Andrade now knows Kemper crown can carry a few thorns

Phil Jackman

May 27, 1992|By Phil Jackman

POTOMAC -- Billy Andrade wouldn't trade the experience of winning his first PGA tournament here at the Kemper Open last year for anything. However, he would like to have it back to perhaps change a few of the things that followed his playoff victory over close friend Jeff Sluman.

"You talk about winning, and hear and read about the experience from the other players, but you have no idea until it happens to you," he says.

"Before, you had too much time. You'd show up at a tournament, play and practice as much as you wanted and nobody cared who you were. Suddenly, you don't have enough time to do what you want and accomplish the things you should."

One of the first things Andrade did following his Kemper victory on a 6-foot birdie putt after playing the regulation 72 holes in 21-under-par is go out and win again. A week later, he had a strong start at the U.S. Open before, as he put it, "I hit the wall. NNTC knew it was coming, it was just a matter of when."

What was good about it is Billy knew he needed some time off. When he came back, he struggled a bit, but then he hit stride again: "I missed a four-way playoff at Hartford by a shot. I lost by one stroke at the Tournament of Champions, finished fourth in a tourney in Australia, won a mixed event and won a couple of matches in the World Match Play, one of them over Ian Woosnam."

But, as a winner, he was now being courted by manufacturers. He signed on with a Japanese concern to use its clubs, figuring there would be no problem since they closely adhered to the specifications and feel of his old clubs. Tilt!

"I played with them for the first months of the year and I missed a couple of cuts. I was losing bad," he said. "I went home and, thinking it was my swing, I got the old set out. I hit it so much better with the clubs I had had since college [Wake Forest]. The new clubs were totally different."

Andrade, who has been good enough to win $77,000 to date, relates a story about playing the first two rounds of the Houston Open with Fred Funk a month ago. "I know Fred from the days when he was coaching at Maryland. He used to hit about twice as many balls as his players did," he recalls.

"He told me he was going to rest after the tournament, having been out for quite a stretch, but he ended up winning. Knowing what I know now, I would have been on my way home. Fred kept going. When you're going through it, you keep going, you feed off that positive reinforcement of winning because you've never had it before. Handling it, that's the key."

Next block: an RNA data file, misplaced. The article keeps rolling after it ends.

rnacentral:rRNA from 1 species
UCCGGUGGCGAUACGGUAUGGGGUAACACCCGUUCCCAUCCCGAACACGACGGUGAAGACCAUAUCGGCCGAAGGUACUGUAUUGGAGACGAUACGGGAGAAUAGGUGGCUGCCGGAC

Andrade skipped the tour stop in Fort Worth, Texas, last week, rested and checked into this area several days ago. "My sister lives here and I'll live with her," he says. "The family will be here as they were last year and it's a really relaxed atmosphere."

Just what a golfer needs to perform at his best.

* It's a strong field lined up and rarin' to go in tomorrow's opening round at Avenel. Still, for every Greg Norman, Mark O'Meara, Mark Calcavecchia and Payne Stewart due to tee it up, there's two or three name golfers missing.

For example, Funk is the only tournament winner in the last 17 weeks entered. Taking the week off are Sunday's participants in a playoff at The Colonial, Bruce Lietzke and Corey Pavin. Also home for a breather are the tour's top two players to date, Fred Couples and Davis Love, plus tourney winners Tom Kite, Raymond Floyd and Chip Beck.

The problem is, even with the improved date on the schedule, the Kemper escaping the brutally hot and humid days of July, this week is a natural break week as far as many players are concerned.

Last week was The Colonial. Everyone plays that stop as action in the Southwest wraps up. Next week is The Memorial in Ohio, Jack Nicklaus' tournament. The U.S. Open is due up in three weeks. So even though the prize money here totals $1.1 million, some players schedule themselves off for fear that if they go beyond playing four or five weeks in a row, they'll be flirting with burnout.

* Besides Norman, who always draws the most interest and biggest galleries wherever he goes, no doubt the most popular golfer the next couple of days will be John Daly, the Paul Bunyan of the tour.

The blocky (5-foot-10, 190-pound) surprise winner of the PGA Championship last year has had only moderate success this season, but the power this guy displays off the tee always turns the multitudes on.

Lee Trevino tells the story of being on a practice tee at a tournament early in the year when Big John came out carrying just his driver:

"The crowd went wild. John put down about 10 balls and belted them all over a high fence about 300 yards away, and the people went bananas again. John smiled, waved and left.

"Hey, it's great to have that power," Trevino continues, "but I can assure him there's a little more to this game than whacking the ball a mile. He's going to find he's going to have to get after the rest of his game."

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